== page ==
Iarnród Éireann has launched a new text alert system for DART passengers as part of efforts to tackle and reduce anti-social behaviour.

The service will enable customers to report incidents that occur on board trains or in stations to a live-monitored security centre.

Passengers can text the word TRAIN followed by their location, a carriage number if possible, and details of the incident to 51444. Texts are charged at standard rates.

The DART security centre, which will be staffed during service operational hours, will then make contact with security teams, Iarnród Éireann personnel, or gardaí.

Customers will then receive an automated response to confirm the message has been received.

The move comes following a rise in the number of incidents of anti-social behaviour in recent years.

Iarnród Éireann said there were 705 incidents reported in 2017, which included 15 assaults on staff.

The figure increased to 803 last year, with 789 anti-social behaviour incidents and 14 assaults on workers.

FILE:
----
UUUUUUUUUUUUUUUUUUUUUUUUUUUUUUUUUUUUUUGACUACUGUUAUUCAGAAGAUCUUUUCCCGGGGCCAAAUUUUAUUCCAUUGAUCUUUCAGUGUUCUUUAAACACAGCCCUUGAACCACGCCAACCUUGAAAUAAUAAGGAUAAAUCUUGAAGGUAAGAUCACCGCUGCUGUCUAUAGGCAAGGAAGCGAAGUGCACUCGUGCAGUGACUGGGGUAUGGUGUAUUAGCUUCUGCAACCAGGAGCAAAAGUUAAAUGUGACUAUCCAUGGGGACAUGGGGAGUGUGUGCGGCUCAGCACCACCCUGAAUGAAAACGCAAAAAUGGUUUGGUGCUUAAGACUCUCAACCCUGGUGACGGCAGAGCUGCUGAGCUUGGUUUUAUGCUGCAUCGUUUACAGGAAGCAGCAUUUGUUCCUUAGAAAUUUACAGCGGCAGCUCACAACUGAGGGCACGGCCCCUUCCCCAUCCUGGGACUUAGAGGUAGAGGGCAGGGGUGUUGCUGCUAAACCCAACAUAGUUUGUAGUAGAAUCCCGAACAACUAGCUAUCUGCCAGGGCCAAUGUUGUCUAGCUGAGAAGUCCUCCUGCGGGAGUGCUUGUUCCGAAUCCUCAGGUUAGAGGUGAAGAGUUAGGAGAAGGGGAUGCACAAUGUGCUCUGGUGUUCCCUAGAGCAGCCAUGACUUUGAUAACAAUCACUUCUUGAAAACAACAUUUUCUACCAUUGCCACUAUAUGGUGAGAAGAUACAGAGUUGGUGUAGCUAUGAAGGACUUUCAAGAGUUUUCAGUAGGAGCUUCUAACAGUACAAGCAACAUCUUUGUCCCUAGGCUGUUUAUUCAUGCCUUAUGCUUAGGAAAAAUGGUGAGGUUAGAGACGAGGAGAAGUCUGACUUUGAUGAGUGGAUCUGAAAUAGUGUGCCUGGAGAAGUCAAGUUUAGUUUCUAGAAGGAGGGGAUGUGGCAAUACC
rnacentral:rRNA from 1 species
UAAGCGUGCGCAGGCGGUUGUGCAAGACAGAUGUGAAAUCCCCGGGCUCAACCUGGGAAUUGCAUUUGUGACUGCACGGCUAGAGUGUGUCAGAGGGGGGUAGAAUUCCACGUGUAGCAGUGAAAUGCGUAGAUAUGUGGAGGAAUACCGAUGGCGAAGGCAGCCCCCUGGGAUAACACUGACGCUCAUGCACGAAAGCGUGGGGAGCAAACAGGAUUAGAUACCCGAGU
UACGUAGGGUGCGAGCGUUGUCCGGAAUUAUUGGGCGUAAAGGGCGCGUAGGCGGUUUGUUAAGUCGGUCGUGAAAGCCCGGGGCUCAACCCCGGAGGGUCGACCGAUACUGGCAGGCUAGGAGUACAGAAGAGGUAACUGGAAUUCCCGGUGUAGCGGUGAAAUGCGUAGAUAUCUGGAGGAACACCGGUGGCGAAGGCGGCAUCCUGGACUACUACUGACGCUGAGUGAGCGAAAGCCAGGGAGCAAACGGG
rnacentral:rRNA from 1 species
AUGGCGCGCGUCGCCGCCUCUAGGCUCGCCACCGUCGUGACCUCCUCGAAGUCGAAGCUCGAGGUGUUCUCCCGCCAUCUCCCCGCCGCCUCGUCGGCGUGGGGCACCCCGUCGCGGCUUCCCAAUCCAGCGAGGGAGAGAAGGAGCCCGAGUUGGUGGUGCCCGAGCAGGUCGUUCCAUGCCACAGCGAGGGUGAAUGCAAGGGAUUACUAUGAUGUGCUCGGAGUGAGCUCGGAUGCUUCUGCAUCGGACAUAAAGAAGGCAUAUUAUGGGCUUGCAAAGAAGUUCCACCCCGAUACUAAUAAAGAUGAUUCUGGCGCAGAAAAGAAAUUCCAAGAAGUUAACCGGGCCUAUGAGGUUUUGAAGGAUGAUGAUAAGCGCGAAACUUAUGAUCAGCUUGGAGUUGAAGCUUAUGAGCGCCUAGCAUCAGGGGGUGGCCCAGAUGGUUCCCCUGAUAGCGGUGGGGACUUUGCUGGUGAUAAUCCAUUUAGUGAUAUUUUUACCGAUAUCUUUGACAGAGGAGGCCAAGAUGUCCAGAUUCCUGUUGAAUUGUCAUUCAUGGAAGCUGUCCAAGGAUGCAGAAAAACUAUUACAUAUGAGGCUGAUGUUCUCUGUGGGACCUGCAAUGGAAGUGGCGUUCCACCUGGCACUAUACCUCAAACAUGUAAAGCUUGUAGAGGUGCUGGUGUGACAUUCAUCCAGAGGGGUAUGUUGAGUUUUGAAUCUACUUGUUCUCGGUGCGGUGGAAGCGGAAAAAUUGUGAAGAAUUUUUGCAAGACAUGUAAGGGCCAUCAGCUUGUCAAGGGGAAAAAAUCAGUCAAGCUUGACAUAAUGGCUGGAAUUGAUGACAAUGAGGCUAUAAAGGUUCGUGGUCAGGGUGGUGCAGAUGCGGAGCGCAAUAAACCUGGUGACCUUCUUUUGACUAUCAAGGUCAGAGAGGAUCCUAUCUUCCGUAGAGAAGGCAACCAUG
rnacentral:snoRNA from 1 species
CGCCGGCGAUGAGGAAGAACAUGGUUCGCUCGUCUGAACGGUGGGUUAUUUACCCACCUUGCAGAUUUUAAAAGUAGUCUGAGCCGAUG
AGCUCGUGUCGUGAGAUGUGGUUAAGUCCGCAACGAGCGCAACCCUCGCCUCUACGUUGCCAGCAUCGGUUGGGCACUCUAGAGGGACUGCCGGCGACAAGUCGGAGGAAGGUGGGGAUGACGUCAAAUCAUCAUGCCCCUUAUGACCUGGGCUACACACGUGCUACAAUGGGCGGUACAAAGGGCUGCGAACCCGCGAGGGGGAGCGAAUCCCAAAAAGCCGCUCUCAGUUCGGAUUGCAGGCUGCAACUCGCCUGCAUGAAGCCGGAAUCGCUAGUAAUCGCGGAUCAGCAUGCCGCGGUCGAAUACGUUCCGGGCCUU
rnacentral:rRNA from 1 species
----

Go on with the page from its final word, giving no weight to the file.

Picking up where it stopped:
We need your consent to load this rte-player contentWe use rte-player to manage extra content that can set cookies on your device and collect data about your activity. Please review their details and accept them to load the content.Manage Preferences

So far this year, there have been 635 incidents, including six assaults.

The type of incidents range from intimidation, vandalism, assault and theft to disorderly and noisy passengers.

A number of other measures have also been implemented to address anti-social behaviour, which include increased security patrols on DART services, new CCTV in carriages and joint operations with gardaí.

The text alert system will be extended to Dublin commuter routes in the coming weeks.

The National Bus and Rail Union today renewed its call for a dedicated transport police service.

James Daly, a train driver and member of the NBRU National Executive Council, said the union welcomes any initiative to help workers and the travelling public.

James Daly

However he said the text alert system "doesn't go far enough to dissuade people" from anti-social behaviour.

"There are issues everyday of the week" for drivers, he added.

Mr Daly said "we definitely need transport police" who would have greater authority.